Induction hardening is a common and effective method of achieving a hard, wear-resistant surface without carburizing or nitriding. It is used extensively to harden gear teeth, as well as wear surfaces. A compressive residual stress at the surface contributes to excellent fatigue resistance. Heating is rapid, and well suited for automation. The preferred process sequence is shown in Figure 1. In induction hardening, contamination is a common occurrence.
Polymer quenchants are commonly used for induction hardening. Contamination is always a problem. The most common contaminants in induction hardening applications are organic contaminants from hydraulic fluid leaks, coolants or forming lubricants, or machine swarf. Rust preventatives and cleaners are also found on parts. Solids, such as soot or high water hardness, can also be present. High inorganic salt content from either rust inhibitors or very hard water can also be present in the quench tank. Parts usually come from prior processes and may be covered with different types of coolants such as oils, synthetic coolants, emulsions, and semi-synthetic. If the parts are cleaned prior to heat treated (recommended, but rarely done), the parts may contain residual soaps. Dirt from the environment, and parts such as machining swarf, are always present. Many parts per hour are processed, with each part carrying a small amount of contaminant. This is compounded by the fact that many induction systems have a very small quench tank — often 100-200 gallons.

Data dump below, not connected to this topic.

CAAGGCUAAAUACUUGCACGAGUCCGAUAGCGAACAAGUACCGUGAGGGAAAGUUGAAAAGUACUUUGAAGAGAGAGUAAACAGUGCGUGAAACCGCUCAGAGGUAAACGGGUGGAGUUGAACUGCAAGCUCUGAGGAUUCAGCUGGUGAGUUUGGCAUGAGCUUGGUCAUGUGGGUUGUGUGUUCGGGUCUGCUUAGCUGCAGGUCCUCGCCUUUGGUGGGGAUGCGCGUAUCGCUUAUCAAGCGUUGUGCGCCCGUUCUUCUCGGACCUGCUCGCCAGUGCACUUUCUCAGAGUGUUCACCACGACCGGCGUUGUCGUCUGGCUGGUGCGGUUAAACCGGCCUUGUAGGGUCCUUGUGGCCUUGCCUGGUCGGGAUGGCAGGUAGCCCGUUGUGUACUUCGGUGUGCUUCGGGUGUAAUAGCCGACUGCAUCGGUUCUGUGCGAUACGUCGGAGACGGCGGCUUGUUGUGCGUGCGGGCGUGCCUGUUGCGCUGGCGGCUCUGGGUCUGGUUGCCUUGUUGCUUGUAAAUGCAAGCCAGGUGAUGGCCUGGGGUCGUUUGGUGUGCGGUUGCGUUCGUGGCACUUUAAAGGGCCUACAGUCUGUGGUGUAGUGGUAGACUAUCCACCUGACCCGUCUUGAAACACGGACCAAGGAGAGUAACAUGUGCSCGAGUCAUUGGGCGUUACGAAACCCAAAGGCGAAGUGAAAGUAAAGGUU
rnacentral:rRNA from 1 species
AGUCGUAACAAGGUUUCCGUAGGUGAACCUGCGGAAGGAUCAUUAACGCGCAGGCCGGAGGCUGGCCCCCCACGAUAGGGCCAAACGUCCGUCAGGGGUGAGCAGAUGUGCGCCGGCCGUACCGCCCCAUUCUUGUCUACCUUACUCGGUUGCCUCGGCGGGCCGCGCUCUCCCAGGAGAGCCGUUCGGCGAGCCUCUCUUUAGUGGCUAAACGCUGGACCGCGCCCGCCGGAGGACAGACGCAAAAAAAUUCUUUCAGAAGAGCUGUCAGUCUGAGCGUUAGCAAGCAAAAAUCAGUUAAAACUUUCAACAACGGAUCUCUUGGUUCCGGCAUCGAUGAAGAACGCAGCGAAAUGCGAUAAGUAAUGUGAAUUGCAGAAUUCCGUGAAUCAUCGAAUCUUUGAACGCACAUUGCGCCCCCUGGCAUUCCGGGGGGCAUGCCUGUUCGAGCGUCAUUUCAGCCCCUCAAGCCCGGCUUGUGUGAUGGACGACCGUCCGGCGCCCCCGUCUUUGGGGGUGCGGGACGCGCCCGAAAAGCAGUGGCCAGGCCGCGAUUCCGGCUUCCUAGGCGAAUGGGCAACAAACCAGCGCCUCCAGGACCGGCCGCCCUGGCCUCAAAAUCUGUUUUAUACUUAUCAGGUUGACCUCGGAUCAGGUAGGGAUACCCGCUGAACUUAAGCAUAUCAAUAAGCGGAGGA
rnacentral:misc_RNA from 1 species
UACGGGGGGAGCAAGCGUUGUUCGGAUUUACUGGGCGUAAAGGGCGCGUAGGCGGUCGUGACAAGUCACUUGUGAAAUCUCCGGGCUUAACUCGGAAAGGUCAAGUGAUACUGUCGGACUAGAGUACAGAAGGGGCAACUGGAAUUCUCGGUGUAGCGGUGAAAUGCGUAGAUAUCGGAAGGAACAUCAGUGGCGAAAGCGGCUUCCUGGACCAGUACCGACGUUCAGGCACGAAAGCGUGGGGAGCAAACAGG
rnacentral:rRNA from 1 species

Typical customer samples of contaminated polymer quenchants used in induction hardening are shown in Figure 2.
During the machining operations, coolant is used for lubrication and to help carry away chips and swarf. As the part moves to the induction step, parts should be properly washed and rinsed to remove chips, coolant, and machining swarf. However, often the cleaning step is omitted as “non-value added.” The perception is that the coolants or other contamination do not harm the quenchant. This perception is inaccurate.
Contamination by cutting fluids, rust preventatives, cleaners, or hydraulic fluids can provide nutrients for biological growth. These contaminants may also prolong or stabilize the vapor phase of the quenching process, which can contribute to low hardness and inadequate case depth. The effect of oil contamination on the cooling curve of a 5 percent solution of a typical PAG polymer quenchant used in induction hardening is shown in Figure 3.